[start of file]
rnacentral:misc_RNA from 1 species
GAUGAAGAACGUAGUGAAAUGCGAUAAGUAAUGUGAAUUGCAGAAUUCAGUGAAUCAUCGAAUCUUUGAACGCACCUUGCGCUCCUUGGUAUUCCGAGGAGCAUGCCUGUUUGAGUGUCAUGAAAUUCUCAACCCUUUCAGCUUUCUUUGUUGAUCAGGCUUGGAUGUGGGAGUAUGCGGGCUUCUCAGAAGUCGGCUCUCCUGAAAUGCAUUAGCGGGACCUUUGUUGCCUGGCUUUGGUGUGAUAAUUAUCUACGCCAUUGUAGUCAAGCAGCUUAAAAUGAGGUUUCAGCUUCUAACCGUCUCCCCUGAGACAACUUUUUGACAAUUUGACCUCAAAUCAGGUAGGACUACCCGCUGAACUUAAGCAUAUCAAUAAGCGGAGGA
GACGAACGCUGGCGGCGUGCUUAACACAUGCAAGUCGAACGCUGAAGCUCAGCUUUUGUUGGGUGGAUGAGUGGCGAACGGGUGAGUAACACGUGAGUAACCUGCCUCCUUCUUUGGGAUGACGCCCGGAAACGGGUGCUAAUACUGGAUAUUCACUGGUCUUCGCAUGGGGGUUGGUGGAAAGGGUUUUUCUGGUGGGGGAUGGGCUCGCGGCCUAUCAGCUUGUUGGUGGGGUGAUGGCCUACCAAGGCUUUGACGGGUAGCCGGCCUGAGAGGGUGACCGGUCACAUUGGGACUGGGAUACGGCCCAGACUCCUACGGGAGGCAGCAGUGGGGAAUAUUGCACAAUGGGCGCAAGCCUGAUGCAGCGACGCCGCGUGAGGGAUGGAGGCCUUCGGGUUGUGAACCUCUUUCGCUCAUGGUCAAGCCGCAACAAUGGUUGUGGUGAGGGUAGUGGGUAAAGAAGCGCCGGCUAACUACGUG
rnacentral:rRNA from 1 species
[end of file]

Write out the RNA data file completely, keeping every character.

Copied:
rnacentral:misc_RNA from 1 species
GAUGAAGAACGUAGUGAAAUGCGAUAAGUAAUGUGAAUUGCAGAAUUCAGUGAAUCAUCGAAUCUUUGAACGCACCUUGCGCUCCUUGGUAUUCCGAGGAGCAUGCCUGUUUGAGUGUCAUGAAAUUCUCAACCCUUUCAGCUUUCUUUGUUGAUCAGGCUUGGAUGUGGGAGUAUGCGGGCUUCUCAGAAGUCGGCUCUCCUGAAAUGCAUUAGCGGGACCUUUGUUGCCUGGCUUUGGUGUGAUAAUUAUCUACGCCAUUGUAGUCAAGCAGCUUAAAAUGAGGUUUCAGCUUCUAACCGUCUCCCCUGAGACAACUUUUUGACAAUUUGACCUCAAAUCAGGUAGGACUACCCGCUGAACUUAAGCAUAUCAAUAAGCGGAGGA
GACGAACGCUGGCGGCGUGCUUAACACAUGCAAGUCGAACGCUGAAGCUCAGCUUUUGUUGGGUGGAUGAGUGGCGAACGGGUGAGUAACACGUGAGUAACCUGCCUCCUUCUUUGGGAUGACGCCCGGAAACGGGUGCUAAUACUGGAUAUUCACUGGUCUUCGCAUGGGGGUUGGUGGAAAGGGUUUUUCUGGUGGGGGAUGGGCUCGCGGCCUAUCAGCUUGUUGGUGGGGUGAUGGCCUACCAAGGCUUUGACGGGUAGCCGGCCUGAGAGGGUGACCGGUCACAUUGGGACUGGGAUACGGCCCAGACUCCUACGGGAGGCAGCAGUGGGGAAUAUUGCACAAUGGGCGCAAGCCUGAUGCAGCGACGCCGCGUGAGGGAUGGAGGCCUUCGGGUUGUGAACCUCUUUCGCUCAUGGUCAAGCCGCAACAAUGGUUGUGGUGAGGGUAGUGGGUAAAGAAGCGCCGGCUAACUACGUG
rnacentral:rRNA from 1 species